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  • I use Windows 7
  • I have an ASUS mobo w/realtek built in audio w/front & rear jacks.
  • I have a Logitech USB headset w/microphone.
  • I have ?20? sets of headphones.
  • The Realtek HD Audio manager doesn't even see the USB headset, it has a separate driver.

The Problem:

I need to use the headset/mic and regular headphones to play the same audio at the same time, ie, one kid is playing an online game and the other wants to be able to listen without waking up their extraordinarily grumpy, late night working dad(me). No, I don't want to just buy a line splitter or something along those lines. Yes, I know it would work, but there are specific reasons I can't do that. I already know that Microsoft is stupid. I know that Windows 7 Doesn't support this on its own. I know iOS, Linux and that OS the kid down the street threw together for a science fair are all better than Windows. But I have Windows, not one of those.

My Question:

Is there a way, any way, to get the same audio stream through both devices? Is there software outside of windows that can be used? Are there some settings I can take advantage of since both are separate devices?

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Classic preemptive anti-Windows rant! :-) – Josh M. Feb 3 '15 at 17:55

One way of accomplish this is to play the same audio stream through two mediums (analog & HDMI). See how to do that here:, answer reproduced below:

  1. Open Sound panel
  2. Select Speakers as the default playback device
  3. Go to the "Recording" tab
  4. Right click and enable "Show Disabled Devices"
  5. A recording device called "Wave Out Mix", "Mono Mix" or "Stereo Mix" (this was my case) should appear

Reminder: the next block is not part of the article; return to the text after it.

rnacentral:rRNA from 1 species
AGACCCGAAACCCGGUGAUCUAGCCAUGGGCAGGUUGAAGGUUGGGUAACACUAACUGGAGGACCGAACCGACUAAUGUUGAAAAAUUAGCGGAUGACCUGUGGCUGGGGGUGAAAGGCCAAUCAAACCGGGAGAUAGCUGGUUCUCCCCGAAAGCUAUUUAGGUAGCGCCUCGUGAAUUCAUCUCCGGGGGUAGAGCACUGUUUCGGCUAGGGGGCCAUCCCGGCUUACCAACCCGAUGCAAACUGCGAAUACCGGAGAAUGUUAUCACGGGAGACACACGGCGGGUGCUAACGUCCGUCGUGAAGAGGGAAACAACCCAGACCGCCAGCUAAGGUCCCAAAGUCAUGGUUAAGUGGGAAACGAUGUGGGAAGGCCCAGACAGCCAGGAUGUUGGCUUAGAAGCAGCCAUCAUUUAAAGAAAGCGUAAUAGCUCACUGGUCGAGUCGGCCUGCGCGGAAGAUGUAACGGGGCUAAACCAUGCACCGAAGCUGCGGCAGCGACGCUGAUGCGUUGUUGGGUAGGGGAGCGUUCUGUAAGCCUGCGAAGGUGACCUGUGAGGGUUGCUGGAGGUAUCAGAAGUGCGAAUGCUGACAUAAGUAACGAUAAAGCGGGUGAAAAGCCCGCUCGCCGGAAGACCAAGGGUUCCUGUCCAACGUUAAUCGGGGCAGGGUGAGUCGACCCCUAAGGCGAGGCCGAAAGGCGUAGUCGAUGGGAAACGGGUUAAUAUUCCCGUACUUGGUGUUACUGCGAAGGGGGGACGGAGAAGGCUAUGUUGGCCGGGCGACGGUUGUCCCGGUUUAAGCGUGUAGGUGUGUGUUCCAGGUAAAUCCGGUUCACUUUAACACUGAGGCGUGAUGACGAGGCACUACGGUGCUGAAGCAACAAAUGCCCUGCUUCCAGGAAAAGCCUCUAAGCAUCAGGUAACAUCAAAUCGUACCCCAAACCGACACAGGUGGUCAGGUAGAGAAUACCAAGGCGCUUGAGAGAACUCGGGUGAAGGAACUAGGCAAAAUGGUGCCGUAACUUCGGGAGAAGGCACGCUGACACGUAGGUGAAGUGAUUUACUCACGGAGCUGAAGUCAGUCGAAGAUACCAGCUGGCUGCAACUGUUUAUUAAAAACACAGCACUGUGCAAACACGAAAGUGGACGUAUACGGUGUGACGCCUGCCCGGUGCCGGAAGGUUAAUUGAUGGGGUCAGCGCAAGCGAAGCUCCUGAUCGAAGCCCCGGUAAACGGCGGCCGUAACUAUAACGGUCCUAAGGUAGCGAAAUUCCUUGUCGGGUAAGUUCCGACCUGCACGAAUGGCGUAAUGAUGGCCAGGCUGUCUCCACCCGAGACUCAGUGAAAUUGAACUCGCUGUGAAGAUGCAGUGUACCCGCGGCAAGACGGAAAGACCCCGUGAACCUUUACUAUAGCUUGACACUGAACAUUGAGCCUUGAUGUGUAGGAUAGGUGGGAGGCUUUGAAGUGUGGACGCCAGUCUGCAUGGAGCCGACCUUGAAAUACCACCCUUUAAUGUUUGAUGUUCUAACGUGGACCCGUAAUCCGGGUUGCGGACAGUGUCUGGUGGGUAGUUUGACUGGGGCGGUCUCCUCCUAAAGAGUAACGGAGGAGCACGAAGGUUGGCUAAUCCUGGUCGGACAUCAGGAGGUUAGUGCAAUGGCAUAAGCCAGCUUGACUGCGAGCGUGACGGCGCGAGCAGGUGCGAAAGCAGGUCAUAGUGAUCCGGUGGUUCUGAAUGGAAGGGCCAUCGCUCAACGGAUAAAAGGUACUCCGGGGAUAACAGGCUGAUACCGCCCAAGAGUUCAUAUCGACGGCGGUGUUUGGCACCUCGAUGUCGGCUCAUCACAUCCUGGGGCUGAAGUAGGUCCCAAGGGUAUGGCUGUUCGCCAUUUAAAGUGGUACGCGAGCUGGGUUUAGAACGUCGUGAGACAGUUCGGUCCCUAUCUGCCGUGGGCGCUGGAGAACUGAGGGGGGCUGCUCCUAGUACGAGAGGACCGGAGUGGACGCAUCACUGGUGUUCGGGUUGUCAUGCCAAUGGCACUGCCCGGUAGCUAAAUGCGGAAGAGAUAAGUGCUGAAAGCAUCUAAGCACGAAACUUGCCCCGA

6. Right click on the new device and click "Enable"
  7. Right click on the new device and click "Set as Default Device"
  8. Double click on the new device to open the Properties window
  9. Go to the "Listen" tab
  10. Click on the "Listen to this device" checkbox
  11. Select your HDMI device from the "Playback through this device" list

Then you can just connect the headset(s) to both the HDMI device (TV or monitor) and the analog (PC or Speakers) output.

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Link only answers are discouraged. Summarize the link, and list the link as the source – Canadian Luke Jul 30 '13 at 19:54
Doesn't work for me on Win8.1 – Iszi Oct 24 '14 at 21:07
Fixed it. Needed to put the volume of my HDMI device to max. The volume for both devices is then, effectively, controlled by adjusting the Speaker device volume. – Iszi Oct 24 '14 at 21:14
Ok. Got it working on my Win8.1 laptop, but I have another Win7 system that this doesn't seem to work for - no "Wave Out"/"Mono"/"Stereo" device shows even when showing disabled devices. – Iszi Oct 24 '14 at 21:44

Jack can stream audio to multiple devices.

JACK is system for handling real-time, low latency audio. It can connect a number of different applications to an audio device, as well as allowing them to share audio between themselves. Its clients can run in their own processes (ie. as normal applications).

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Mustn't the sound-producing app be a Jack client? Or does Jack provide a shim or driver that allows normal Widows audio programs to route through Jack? – Joe Koberg Jan 25 '14 at 17:47

You can stereo mix, but there is a slight delay in the 2 devices. You can get say an HDMI audio extractor then you have one device with dual audio (from the extractor and still the HDMI) if you don't have a sound card or room for a soundcard.

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My solution: voicemeeter. It does have a small overhead of up to 5% CPU usage, but the output is not delayed on any hardware device. It basically creates a virtual input that takes in the audio you would normally hear and then sends it to up to two hardware output devices.

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To manage several microphones and speakers devices, we recommend Voicemeeter Banana, the virtual audio mixer for Windows specially made to route and mix several physical or virtual I/O. Voicemeeter interconnections

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